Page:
Table 2: Concentrations of sP-selectin and sICAM-1 in patients (ng/ml).

Concentration of SICAM-1 in each group at each postoperative time point

The average concentration of SICAM-1 in each group increased with the severity of coronary artery stenosis and showed positive growth. The highest concentration was found in the patients with cardiac events in the restenosis group, as shown in Table 3.

Group SICAM-1 Concentration
Postoperative immediate Postoperative 24 h Postoperative 48 h Postoperative 3-5 d Mean concentration
Non restenosis group 145.83 148.57 147.83 ± 48.27 144.47 ± 59.83 147.52 ± 94.11
Non cardiac events group 156 191.53 ± 62.83 187.87 ± 91.37 171.33 ± 52.63 183.29 ± 58.99a
Cardiac events group 161.89 276.74 ± 64.33 285.37 ± 58.41 240.87 ± 91.42 267.84 ± 47.68ab
Note: Compared with the non-restenosis group, aP<0.001; Compared with the non-cardiac events in the restenosis group, bP<0.001.

Table 3: Relationship between severity of coronary stenosis and SICAM-1 concentration (ng/ml).

Discussion

Coronary heart disease is the most common heart disease. It is caused by coronary atherosclerosis, resulting in stenosis and insufficient blood supply [5]. Risks of rupture and shedding of atheromatous plaque in the blood vessel wall exist at any time. The plaque ruptures easily, which leads to coronary artery occlusion, resulting in a large area necrosis of myocardium and even sudden death [6,7]. Coronary stent can effectively correct the coronary artery stenosis, but restenosis may recur after surgery; therefore, the application of this technique is seriously restricted [8]. Spiral CT perfusion imaging can be used to predict the risk degree of vascular stenosis, but it is difficult to accurately capture the occurrence indicator. No specific dynamic diagnostic indicator of vascular stenosis was found; hence, the progress of the disease is diagnosed only by clinical experience of physicians and is often lagged [9]. SICAM-1 is a kind of intercellular adhesion molecules, which enters the peripheral blood through the endothelial barrier. SICAM-1 is the main factor to resist the vascular wall inflammation during stenosis, ischemia and spasm [10]. The aim of this study was to investigate the feasibility of SICAM-1 as a dynamic index of coronary artery restenosis according to ischemia or inflammatory response after coronary stent implantation.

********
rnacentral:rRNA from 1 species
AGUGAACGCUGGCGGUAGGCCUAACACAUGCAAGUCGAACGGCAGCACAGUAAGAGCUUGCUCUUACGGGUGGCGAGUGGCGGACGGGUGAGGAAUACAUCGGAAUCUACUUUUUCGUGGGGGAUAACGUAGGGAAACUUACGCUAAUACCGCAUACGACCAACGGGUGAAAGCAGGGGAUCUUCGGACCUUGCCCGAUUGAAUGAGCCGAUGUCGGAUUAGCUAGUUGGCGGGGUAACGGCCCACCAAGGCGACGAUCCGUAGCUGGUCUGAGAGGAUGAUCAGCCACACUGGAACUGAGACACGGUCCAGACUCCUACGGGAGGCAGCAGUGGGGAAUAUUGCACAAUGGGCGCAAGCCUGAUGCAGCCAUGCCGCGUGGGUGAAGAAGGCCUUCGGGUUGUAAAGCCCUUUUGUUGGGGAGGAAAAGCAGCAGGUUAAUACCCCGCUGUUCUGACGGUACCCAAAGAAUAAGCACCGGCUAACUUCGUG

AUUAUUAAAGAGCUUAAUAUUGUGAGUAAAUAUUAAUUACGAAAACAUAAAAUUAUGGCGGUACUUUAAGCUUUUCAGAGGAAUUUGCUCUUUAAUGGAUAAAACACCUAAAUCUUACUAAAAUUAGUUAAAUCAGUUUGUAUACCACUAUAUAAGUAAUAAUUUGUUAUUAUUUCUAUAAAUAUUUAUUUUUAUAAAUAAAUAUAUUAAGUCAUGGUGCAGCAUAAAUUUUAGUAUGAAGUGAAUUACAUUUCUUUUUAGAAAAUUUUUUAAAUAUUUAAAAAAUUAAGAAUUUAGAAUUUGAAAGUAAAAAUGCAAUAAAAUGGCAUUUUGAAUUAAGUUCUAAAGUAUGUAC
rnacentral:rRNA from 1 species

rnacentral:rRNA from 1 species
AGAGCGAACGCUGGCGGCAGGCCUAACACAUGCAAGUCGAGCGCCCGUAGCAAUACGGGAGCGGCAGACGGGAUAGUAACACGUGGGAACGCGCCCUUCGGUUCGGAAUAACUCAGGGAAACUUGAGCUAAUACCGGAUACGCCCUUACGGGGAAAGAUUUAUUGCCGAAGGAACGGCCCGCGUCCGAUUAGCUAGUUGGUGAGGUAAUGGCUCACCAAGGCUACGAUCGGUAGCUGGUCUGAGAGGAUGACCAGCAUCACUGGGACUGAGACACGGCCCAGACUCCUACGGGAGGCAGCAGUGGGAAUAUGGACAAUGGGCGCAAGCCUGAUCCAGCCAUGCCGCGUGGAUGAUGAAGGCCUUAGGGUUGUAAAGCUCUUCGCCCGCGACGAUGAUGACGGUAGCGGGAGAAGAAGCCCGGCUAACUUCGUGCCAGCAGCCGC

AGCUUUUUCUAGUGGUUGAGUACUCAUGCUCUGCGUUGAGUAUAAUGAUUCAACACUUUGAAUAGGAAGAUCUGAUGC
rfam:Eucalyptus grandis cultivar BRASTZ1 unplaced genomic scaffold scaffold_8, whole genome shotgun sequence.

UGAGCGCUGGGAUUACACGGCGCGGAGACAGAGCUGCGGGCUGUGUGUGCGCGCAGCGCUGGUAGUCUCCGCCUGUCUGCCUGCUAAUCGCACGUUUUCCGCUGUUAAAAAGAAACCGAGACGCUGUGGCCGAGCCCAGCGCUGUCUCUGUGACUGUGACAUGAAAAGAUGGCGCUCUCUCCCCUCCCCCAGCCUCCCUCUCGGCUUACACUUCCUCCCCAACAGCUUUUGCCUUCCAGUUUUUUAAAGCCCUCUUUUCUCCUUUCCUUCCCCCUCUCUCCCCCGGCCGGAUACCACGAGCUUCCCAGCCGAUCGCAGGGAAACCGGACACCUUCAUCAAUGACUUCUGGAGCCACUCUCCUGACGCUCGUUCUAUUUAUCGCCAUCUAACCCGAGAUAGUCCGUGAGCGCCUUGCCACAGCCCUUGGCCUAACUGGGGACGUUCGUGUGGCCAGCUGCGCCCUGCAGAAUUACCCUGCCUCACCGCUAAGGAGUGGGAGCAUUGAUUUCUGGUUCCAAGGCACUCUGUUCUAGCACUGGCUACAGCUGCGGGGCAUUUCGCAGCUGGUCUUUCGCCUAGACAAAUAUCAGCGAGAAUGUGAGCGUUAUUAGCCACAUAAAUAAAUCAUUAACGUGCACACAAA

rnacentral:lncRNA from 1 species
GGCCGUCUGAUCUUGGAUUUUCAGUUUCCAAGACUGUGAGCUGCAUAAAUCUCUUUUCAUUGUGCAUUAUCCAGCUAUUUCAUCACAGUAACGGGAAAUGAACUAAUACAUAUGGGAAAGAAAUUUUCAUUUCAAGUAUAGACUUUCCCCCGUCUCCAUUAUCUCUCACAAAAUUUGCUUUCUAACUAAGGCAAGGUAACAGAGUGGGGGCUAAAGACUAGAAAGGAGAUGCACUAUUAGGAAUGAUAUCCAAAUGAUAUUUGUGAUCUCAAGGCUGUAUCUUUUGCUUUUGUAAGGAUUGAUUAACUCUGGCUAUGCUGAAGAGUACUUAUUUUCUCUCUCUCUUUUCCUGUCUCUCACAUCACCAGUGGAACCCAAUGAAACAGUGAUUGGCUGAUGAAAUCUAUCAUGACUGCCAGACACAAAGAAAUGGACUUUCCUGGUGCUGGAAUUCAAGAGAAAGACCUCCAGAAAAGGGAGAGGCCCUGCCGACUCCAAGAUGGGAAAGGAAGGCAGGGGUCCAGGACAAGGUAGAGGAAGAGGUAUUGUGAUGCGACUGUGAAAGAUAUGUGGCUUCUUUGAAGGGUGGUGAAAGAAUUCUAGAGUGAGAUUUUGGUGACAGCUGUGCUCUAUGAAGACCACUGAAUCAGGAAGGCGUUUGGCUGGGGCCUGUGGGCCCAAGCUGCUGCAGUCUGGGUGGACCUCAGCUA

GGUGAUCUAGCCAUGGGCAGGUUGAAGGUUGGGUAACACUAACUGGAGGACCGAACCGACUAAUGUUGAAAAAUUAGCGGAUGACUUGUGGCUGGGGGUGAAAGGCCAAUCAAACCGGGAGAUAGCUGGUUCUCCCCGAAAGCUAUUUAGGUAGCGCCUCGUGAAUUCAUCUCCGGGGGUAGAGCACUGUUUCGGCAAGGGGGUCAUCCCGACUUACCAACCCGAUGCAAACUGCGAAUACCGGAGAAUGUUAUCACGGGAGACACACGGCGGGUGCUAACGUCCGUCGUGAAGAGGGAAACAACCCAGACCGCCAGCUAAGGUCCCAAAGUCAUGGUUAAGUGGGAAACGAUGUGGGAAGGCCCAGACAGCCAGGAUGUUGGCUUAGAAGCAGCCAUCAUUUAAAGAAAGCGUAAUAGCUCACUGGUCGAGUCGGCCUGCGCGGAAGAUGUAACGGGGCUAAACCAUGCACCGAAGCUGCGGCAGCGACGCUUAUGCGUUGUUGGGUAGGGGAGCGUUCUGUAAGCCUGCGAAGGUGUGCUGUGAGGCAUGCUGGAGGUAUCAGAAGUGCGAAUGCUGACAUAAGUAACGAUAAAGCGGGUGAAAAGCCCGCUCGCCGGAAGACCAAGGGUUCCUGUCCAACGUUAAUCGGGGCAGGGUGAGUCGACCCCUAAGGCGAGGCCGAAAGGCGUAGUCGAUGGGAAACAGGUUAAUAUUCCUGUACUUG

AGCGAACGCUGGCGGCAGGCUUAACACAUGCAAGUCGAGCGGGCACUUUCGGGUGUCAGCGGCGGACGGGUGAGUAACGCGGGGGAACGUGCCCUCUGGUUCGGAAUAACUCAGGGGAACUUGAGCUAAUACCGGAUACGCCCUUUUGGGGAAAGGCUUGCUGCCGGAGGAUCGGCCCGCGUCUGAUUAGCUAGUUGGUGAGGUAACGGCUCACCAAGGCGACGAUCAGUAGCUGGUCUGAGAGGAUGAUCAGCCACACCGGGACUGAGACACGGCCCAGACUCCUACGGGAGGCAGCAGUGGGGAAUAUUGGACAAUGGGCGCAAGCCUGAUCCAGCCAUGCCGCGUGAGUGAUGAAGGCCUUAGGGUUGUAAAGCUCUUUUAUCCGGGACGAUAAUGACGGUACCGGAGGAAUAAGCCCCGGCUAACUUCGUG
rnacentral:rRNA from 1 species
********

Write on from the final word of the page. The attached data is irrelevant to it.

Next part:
The results of the study showed that 71 cases in patients occurred to be coronary restenosis and 60 cases in patients were considered non-cardiac events, which was significantly higher than that of patients with cardiac events (P<0.05). The postoperative concentrations of sP-selectin and sICAM-1 were significantly higher than before operation (P<0.001). The postoperative sP-selectin concentrations in the restenosis group and restenosis group showed no significant difference (P>0.05), suggesting that the sP-selectin concentrations showed no difference and could not be used as the indicator of coronary restenosis severity. This finding might be caused by the fact that sP-selectin mainly reflected the platelet activity. The patient had serious postoperative stress reaction. The platelet aggregation led to the increase of sP-selectin. However, it was not related to the postoperative coronary atherosclerosis, stenosis or ischemia. Moreover, SICAM-1 reflected the activity of endothelial cells. Being different from sP-selectin, the sICAM-1 concentration in patients with cardiac events was 267.84 ± 47.68 ng/ml in the restenosis group, which was significantly higher than that of patients with non-cardiac events, 183.29 ± 58.99 ng/ml in the restenosis group, and 147.52 ± 94.11 ng/ml in the non-restenosis group (P<0.001). With disease severity, the mean SICAM-1concentrations showed progressive growth. The concentrations of SICAM-1 were different in patients with coronary artery restenosis in varying degrees. The highest concentration was found in patients with cardiac events in the restenosis group. This finding was related to the number of stents and involved branch vessels as well as vascular stenosis degree. It could predict the risk degree of disease, which was consistent with the examination result of spiral CT perfusion enhancement.

Conclusion

CT perfusion enhancement examination is still a gold standard to diagnose vascular restenosis. It plays an irreplaceable role. However, as for the patients after coronary stent implantation, combined with serum SICAM-1 concentration monitoring can effectively predict the progress of the disease and realize the dynamic observation of coronary restenosis. To sum up, the SICAM-1 concentrations of patients with coronary heart disease were different before and after coronary stent implantation and could be used as an indicator to predict the risk factor of coronary restenosis.

Acknowledgements

This project was supported by grants from the Medical Science and Technology Development of Foshan (2015AB001325).

References